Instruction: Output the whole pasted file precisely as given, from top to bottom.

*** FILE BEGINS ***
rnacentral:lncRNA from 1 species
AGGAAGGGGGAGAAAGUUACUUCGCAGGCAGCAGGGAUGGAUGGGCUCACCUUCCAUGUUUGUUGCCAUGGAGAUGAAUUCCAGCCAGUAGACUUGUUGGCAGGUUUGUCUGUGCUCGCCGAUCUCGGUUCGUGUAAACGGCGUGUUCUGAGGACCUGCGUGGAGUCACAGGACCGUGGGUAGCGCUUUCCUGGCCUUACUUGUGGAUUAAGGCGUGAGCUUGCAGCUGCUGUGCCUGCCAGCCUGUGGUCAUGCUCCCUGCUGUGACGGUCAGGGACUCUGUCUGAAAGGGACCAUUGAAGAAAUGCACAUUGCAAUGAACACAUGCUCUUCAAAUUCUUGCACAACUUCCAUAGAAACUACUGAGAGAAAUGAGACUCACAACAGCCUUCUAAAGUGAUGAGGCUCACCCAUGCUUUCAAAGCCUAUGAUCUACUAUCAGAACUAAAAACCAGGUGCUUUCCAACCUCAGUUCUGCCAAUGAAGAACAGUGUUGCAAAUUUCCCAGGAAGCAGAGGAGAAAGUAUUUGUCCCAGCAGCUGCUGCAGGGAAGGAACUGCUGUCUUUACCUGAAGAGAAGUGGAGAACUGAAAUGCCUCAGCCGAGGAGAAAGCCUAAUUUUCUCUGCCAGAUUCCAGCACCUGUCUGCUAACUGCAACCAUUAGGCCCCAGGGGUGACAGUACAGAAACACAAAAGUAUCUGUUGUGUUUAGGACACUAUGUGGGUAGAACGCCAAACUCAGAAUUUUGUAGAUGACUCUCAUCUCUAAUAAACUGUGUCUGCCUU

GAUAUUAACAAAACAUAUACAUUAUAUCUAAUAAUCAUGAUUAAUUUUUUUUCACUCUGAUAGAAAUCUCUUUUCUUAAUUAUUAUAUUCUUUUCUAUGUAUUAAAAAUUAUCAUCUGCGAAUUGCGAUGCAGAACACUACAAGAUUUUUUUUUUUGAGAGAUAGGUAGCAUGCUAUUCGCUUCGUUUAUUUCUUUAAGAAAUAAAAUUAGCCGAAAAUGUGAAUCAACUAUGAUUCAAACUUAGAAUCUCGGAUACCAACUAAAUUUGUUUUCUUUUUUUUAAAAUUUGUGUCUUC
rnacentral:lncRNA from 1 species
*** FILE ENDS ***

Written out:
rnacentral:lncRNA from 1 species
AGGAAGGGGGAGAAAGUUACUUCGCAGGCAGCAGGGAUGGAUGGGCUCACCUUCCAUGUUUGUUGCCAUGGAGAUGAAUUCCAGCCAGUAGACUUGUUGGCAGGUUUGUCUGUGCUCGCCGAUCUCGGUUCGUGUAAACGGCGUGUUCUGAGGACCUGCGUGGAGUCACAGGACCGUGGGUAGCGCUUUCCUGGCCUUACUUGUGGAUUAAGGCGUGAGCUUGCAGCUGCUGUGCCUGCCAGCCUGUGGUCAUGCUCCCUGCUGUGACGGUCAGGGACUCUGUCUGAAAGGGACCAUUGAAGAAAUGCACAUUGCAAUGAACACAUGCUCUUCAAAUUCUUGCACAACUUCCAUAGAAACUACUGAGAGAAAUGAGACUCACAACAGCCUUCUAAAGUGAUGAGGCUCACCCAUGCUUUCAAAGCCUAUGAUCUACUAUCAGAACUAAAAACCAGGUGCUUUCCAACCUCAGUUCUGCCAAUGAAGAACAGUGUUGCAAAUUUCCCAGGAAGCAGAGGAGAAAGUAUUUGUCCCAGCAGCUGCUGCAGGGAAGGAACUGCUGUCUUUACCUGAAGAGAAGUGGAGAACUGAAAUGCCUCAGCCGAGGAGAAAGCCUAAUUUUCUCUGCCAGAUUCCAGCACCUGUCUGCUAACUGCAACCAUUAGGCCCCAGGGGUGACAGUACAGAAACACAAAAGUAUCUGUUGUGUUUAGGACACUAUGUGGGUAGAACGCCAAACUCAGAAUUUUGUAGAUGACUCUCAUCUCUAAUAAACUGUGUCUGCCUU

GAUAUUAACAAAACAUAUACAUUAUAUCUAAUAAUCAUGAUUAAUUUUUUUUCACUCUGAUAGAAAUCUCUUUUCUUAAUUAUUAUAUUCUUUUCUAUGUAUUAAAAAUUAUCAUCUGCGAAUUGCGAUGCAGAACACUACAAGAUUUUUUUUUUUGAGAGAUAGGUAGCAUGCUAUUCGCUUCGUUUAUUUCUUUAAGAAAUAAAAUUAGCCGAAAAUGUGAAUCAACUAUGAUUCAAACUUAGAAUCUCGGAUACCAACUAAAUUUGUUUUCUUUUUUUUAAAAUUUGUGUCUUC
rnacentral:lncRNA from 1 species